Ambassadors on the night before the Summit that it isn’t enough to provide those who came to the Summit with a powerful experience of Jesus.  In fact, it could actually be harmful to their faith if they have a powerful experience but we fail to follow-up with them afterwards and help them to incorporate the experience into their daily life.  We run the danger of having people begin to question whether or not what they experienced was real.  We also run the danger of inadvertently encouraging people to seek one “big moment” after another in their lives, relying only on the emotional feelings attached to such an event to base their relationship with God on.  Instead, we must continue to encourage one another to teach, lead and support one another in a deeper discipleship.  I hope and pray that the Summit was a wonderful beginning for some and a true renewal for others. But it is just that and nothing more. 

The real work of “making disciples” happens now and it doesn’t happen because of any parish or diocesan sponsored “event”.  It happens in the day-to-day walk with one another; in relationship.  I am praying for all of us, that we know clearly how to return with increase the gift and graces of the Summit to the Lord. And “Do not be afraid!”  As we were reminded in the Liturgy of the Hours on Tuesday, the Feast of the Guardian Angels: “He has given his angels charge over us to guard us in all of our ways. . .Even though we are children and have a long, very long and dangerous way to go, with such protectors what have we to fear?  They who keep us in all our ways cannot be overpowered or led astray, much less lead us astray.  They are loyal, prudent, powerful.  Why then are we afraid?  We have only to follow them, stay close to them, and we shall dwell under the protection of God’s Heaven.” (Office of Readings, Sermon of St. Bernard)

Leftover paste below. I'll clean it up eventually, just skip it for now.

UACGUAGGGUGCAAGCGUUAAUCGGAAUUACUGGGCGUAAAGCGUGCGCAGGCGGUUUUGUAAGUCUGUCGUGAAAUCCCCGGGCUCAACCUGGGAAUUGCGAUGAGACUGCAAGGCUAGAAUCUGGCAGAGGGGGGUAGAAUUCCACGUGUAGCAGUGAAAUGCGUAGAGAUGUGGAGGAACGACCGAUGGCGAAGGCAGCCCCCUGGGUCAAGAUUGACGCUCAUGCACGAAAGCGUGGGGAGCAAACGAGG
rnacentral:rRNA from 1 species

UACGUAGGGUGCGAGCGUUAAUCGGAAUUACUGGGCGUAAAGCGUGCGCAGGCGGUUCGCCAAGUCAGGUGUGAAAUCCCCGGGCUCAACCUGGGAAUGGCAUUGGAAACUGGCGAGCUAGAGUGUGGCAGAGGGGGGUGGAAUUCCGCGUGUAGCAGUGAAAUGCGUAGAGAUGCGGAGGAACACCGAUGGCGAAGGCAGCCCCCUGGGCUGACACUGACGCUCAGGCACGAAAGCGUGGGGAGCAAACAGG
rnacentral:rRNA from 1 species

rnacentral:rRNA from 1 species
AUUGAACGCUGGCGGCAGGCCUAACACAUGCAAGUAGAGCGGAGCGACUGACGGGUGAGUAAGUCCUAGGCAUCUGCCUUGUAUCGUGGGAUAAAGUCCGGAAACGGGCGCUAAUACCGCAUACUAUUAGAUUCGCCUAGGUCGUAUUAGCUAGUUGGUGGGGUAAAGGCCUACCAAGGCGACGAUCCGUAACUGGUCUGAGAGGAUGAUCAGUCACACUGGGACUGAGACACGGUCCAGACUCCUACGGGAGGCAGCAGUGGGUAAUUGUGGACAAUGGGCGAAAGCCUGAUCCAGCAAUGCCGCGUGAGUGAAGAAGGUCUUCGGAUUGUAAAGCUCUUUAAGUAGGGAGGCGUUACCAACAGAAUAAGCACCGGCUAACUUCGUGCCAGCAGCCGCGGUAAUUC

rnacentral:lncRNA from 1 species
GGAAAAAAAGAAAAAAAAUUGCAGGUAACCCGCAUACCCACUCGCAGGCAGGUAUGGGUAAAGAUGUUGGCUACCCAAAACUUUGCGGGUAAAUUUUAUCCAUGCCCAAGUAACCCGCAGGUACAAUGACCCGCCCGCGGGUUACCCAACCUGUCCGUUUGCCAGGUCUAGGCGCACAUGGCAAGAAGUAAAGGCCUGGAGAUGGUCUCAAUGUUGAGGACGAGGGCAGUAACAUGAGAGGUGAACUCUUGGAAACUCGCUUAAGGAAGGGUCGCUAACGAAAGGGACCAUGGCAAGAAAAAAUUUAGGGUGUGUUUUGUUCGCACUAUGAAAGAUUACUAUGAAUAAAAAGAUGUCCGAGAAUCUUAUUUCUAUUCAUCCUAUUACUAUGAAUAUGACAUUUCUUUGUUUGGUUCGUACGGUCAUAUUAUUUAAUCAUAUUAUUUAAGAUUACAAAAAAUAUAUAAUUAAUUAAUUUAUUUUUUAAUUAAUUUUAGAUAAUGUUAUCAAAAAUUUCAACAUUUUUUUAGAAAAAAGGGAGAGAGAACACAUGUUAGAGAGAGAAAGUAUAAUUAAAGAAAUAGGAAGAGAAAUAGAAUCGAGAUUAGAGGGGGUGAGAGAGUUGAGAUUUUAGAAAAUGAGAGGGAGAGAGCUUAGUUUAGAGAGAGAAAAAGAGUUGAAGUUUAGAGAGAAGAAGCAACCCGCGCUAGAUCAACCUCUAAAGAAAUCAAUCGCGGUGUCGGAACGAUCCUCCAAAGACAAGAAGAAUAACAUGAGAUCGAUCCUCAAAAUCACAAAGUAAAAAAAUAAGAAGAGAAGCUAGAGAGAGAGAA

We’re here to help

Call us at (605) 716-5214 or fill out the form below and we’ll be in touch soon.

 

3 + 9 =

CHANCERY OFFICE

606 Cathedral Drive
Rapid City, SD 57701
(605) 343-3541

CHANCERY ANNEX AT TERRA SANCTA

2101 City Springs Rd Ste 200
Rapid City, SD 57702
(605) 716-5214

TERRA SANCTA RETREAT CENTER

2101 City Springs Rd, Ste 300
Rapid City , SD 57702
(605) 716-0925
stay@terrasancta.org

SAFE ENVIRONMENT

Click here to learn more

VICTIM ASSISTANCE COORDINATOR

Barbara Scherr (605) 209-3418

All About “Christ Life”

This past weekend we had our Stewardship Training — Ambassadors for Christ. We had 8 priests and Deacon Zane Pekron that were able to participate in the Friday workshop and 60 parish leaders that came from 19 parishes from across the Diocese and the Rapid City Catholic Schools for the Friday evening and Saturday workshop. One of the goals of the stewardship training was to help and encourage pastors and parish lay leaders to learn how to personally invite members from their parish community to the Stewardship Summit this coming September 21 and 22.